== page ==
• Project Title: Searching for Substages of Melanoma by Quantifying Disorder in Tumor Architecture

  • BASIS Advisor: Dr. Murthy

  • Internship Location: Stanford University

  • Onsite Mentor: Dr. David Nguyen, Dr. Rajendra Singh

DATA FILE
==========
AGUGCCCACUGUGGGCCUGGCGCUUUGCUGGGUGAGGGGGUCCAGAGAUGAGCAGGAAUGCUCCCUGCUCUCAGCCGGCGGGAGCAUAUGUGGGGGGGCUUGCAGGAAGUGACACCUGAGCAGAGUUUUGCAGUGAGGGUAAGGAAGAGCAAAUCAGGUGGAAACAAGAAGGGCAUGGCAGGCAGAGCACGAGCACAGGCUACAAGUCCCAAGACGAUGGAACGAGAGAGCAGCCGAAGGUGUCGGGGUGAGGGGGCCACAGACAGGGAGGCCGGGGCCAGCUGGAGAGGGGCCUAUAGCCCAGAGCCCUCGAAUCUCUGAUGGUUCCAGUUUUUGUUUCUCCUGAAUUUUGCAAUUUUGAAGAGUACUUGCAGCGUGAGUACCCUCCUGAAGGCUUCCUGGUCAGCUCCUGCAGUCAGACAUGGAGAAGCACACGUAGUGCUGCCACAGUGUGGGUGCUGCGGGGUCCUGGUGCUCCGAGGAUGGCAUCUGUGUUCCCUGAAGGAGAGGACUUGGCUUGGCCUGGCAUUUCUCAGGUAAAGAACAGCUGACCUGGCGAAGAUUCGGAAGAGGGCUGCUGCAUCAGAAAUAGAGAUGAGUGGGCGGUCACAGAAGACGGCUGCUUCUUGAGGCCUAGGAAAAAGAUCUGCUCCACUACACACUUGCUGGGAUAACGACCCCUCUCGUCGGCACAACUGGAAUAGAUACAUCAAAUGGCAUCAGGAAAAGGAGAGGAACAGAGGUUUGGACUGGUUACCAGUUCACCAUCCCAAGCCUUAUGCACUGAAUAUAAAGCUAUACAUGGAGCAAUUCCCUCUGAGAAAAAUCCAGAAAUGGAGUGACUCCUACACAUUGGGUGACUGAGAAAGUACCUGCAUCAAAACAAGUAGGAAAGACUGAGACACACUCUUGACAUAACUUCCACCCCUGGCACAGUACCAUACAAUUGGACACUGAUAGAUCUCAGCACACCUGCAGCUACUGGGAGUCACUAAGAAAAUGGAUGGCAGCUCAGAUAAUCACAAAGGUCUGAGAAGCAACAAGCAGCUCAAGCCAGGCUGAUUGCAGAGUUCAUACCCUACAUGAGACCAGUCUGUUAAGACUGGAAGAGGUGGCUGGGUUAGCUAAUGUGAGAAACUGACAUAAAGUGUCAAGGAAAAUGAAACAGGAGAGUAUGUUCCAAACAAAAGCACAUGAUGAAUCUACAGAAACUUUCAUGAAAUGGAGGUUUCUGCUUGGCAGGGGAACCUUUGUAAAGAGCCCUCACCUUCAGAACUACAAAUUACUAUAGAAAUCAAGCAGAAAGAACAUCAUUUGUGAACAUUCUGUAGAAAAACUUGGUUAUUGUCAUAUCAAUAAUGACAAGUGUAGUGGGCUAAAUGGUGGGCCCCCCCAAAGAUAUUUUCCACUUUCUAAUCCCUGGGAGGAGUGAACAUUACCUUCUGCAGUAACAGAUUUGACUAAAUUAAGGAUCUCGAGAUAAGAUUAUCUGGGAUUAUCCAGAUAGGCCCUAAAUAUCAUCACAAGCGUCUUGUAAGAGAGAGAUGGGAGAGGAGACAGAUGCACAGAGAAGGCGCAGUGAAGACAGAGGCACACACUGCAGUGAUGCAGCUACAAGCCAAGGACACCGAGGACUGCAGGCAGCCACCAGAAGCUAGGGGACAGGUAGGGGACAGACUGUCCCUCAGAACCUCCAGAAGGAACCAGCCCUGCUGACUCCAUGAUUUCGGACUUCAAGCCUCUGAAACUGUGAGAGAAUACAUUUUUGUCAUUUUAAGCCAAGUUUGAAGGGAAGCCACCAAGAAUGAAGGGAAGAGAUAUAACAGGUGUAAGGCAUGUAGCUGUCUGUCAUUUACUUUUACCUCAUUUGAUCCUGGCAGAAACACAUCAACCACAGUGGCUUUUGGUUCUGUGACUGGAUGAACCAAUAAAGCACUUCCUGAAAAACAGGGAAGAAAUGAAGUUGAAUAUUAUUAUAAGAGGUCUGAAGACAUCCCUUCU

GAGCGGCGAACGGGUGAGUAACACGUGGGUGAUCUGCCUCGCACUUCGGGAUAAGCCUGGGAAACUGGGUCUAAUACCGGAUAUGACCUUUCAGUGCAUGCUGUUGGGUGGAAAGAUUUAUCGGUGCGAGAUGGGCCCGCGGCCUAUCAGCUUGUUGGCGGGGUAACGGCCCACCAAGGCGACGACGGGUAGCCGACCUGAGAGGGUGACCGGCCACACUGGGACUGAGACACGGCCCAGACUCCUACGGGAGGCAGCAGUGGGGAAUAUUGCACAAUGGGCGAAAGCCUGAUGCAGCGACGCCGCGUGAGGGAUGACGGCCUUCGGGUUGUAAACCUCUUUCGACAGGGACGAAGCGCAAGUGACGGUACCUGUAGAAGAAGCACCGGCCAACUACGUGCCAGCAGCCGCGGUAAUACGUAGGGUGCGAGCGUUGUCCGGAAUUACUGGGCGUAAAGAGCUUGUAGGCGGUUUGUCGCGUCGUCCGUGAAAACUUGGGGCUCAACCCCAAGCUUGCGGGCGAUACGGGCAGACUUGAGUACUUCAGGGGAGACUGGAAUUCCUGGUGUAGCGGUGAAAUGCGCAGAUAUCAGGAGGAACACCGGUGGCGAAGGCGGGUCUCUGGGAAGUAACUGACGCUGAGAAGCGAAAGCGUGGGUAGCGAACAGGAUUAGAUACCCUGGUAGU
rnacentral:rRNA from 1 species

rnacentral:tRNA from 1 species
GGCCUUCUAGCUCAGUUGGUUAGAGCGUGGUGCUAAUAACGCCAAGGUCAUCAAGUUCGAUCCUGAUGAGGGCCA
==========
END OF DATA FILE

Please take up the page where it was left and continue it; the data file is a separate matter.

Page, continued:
Melanoma is a skin cancer that presents itself in the form of moles that behave in a way not typical to normal moles. There are three classifications of melanoma: Cutaneous Melanoma (melanoma of the skin), Mucosal Melanoma (melanoma of mucous membranes), and Ocular Melanoma (melanoma of the eye). Treatment for melanoma varies from stage to stage; however, it can generally be cured through surgery, radiation treatment, medications, and sometimes chemotherapy. The current method of staging melanoma skin cancer is the TNM system that considers the features of the tumor, whether or not cancer cells have spread to lymph nodes, and whether or not cancer cells have metastasized to other organs. The "T," or tumor, aspect of the TNM system measures histological features of the tumor, such as the thickness of the tumor, the number of cells that are activity dividing, and whether ulceration has occurred. These features limit the ability of a pathologist to stratify melanomas into more refined T categories that may make the TNM staging system more accurate. In this project, I will use resources at Stanford University to apply the Quadrant Slope Index (QSI) algorithm to hematoxylin & eosin images of melanoma to determine if it can quantitatively stratify early stage from late stage melanomas.